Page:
Companies that suffer data breaches are required to disclose the damage that occurred. But how soon they have to release the information, and which official bodies or affected consumers they reach out to is determined by a web of disclosure laws and regulations. They can differ by region, state and even country. The latest and potentially toughest restrictions are coming from Europe, in the form of the General Data Protection Regulation (GDPR).
While the implications of the new disclosure laws are relatively clear to European CEOs and tech leaders, questions linger for organizations in other parts of the world. For instance, should American companies worry about complying with this transatlantic set of laws? In many cases, it appears they won't have a choice.
The global data connection
Forbes Technology Council contributor Yaki Faitelson pointed out a few potentially overlooked stipulations in the GDPR that are of importance to American companies. When the rules come into effect in May, U.S. corporations will have some "homework to do," as Faitelson wrote.
One of the concerns involves Article 3 of the GDPR, which stipulates which companies are affected by the rules. Businesses collecting personal data from or tracking behavior of people from EU countries using the internet are subject to the GDPR rules. There does not have to be a financial component to transactions for the rules take effect.
Companies tracking user data today aren’t out of the ordinary - it's a given in many modern operations across the globe. This means a large number of U.S.-based organizations will have to read up on the strict disclosure rules embedded in the GDPR to prepare to comply with them, labeling it as the first real IT challenge of the year.
Organizations’ progression so far
Many organizations around the world feel they're ready to comply with the regulations, but IBM's Security Intelligence Team paints a different picture. Three-quarters of non-technological leaders at U.S. companies don't even believe they'll have to get in line with GDPR, according to data from NTT Security. However, financial organizations, perhaps because of years of complying with strict data management rules, tend to be better prepared than non-banking firms.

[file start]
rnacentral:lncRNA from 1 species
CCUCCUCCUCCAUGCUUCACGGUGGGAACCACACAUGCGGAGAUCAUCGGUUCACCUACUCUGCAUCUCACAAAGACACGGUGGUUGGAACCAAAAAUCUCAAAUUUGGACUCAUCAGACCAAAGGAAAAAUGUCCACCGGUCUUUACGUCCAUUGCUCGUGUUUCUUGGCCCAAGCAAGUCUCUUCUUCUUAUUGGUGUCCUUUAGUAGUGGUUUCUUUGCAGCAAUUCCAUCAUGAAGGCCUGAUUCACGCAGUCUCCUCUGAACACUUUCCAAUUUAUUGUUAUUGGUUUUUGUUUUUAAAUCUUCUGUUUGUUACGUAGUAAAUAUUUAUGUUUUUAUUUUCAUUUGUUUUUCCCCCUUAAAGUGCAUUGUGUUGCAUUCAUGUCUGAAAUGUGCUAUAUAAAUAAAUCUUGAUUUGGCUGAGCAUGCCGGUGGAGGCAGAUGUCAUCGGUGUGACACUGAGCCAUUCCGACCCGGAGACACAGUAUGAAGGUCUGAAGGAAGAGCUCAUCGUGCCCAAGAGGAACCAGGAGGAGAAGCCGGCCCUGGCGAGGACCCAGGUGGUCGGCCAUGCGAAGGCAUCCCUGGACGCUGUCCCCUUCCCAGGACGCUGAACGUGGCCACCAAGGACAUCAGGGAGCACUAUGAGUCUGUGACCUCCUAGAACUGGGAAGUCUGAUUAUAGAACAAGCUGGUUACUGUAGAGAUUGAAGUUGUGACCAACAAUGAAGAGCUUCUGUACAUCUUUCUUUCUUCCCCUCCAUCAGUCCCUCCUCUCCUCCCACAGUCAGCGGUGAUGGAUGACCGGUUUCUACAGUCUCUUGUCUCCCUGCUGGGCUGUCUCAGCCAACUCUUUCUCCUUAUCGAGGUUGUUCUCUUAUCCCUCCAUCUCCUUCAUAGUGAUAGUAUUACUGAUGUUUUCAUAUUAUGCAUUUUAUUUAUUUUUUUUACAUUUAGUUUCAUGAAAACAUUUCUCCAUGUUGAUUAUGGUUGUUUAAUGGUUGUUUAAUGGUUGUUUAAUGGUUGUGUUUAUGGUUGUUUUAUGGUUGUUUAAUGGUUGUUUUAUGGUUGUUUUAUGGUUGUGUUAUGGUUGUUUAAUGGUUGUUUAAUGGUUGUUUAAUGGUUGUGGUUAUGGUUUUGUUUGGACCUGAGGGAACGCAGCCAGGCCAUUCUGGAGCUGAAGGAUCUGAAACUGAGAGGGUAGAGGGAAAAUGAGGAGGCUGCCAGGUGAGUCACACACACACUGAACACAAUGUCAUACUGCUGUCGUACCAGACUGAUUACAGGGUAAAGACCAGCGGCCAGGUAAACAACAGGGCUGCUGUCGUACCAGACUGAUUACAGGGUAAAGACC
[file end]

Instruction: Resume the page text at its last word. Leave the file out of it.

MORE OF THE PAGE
Despite the fact that there are months left before the deadline officially hits, now is the time for organizations to research how GDPR will affect them. Faitelson explained that the process of adapting to these regulations could mean adding new processes to online services. For example, the GDPR will require sites to get explicit consent from individuals before collecting their data.
Faitelson added that complying with the GDPR requirements to focus on protecting the data collected from consumers isn't necessarily difficult for companies that are already up to date on Payment Card Industry standards. The more pressing challenge involves breach notification.
Changes in notification standards
Under the new GDPR, there’s a very short timeline from breach to public notification. With only 72 hours to notify the public, it’s a stark change from the ways companies have handled this process over the years.
There isn't one inflexible set of rules associated with the GDPR. The speed of disclosure, as well as who needs to be informed, changes based on the type of information leaked and its owner. No matter the exact nature of a data breach, however, companies will have to ready themselves for fast, thorough disclosures. Furthermore, IT departments will have to work hard to avoid one of the difficulties most associated with data loss today: discovery of a security breach weeks or even months after the fact.
The need to upgrade security
Organizations that aren't sure whether they're ready for updated data protection can seek assistance from third-party security partners. Adding extra resources to alert companies of data risk is a powerful step that can prove extremely valuable. Data Breach Readiness provided by Identity Guard Business Solutions can help organizations detect and mitigate the risk of a breach through monitoring of business-level data. With access to the Identity Guard identity theft protection services in the event of a breach, Data Breach Readiness is the all-in-one solution your organization needs.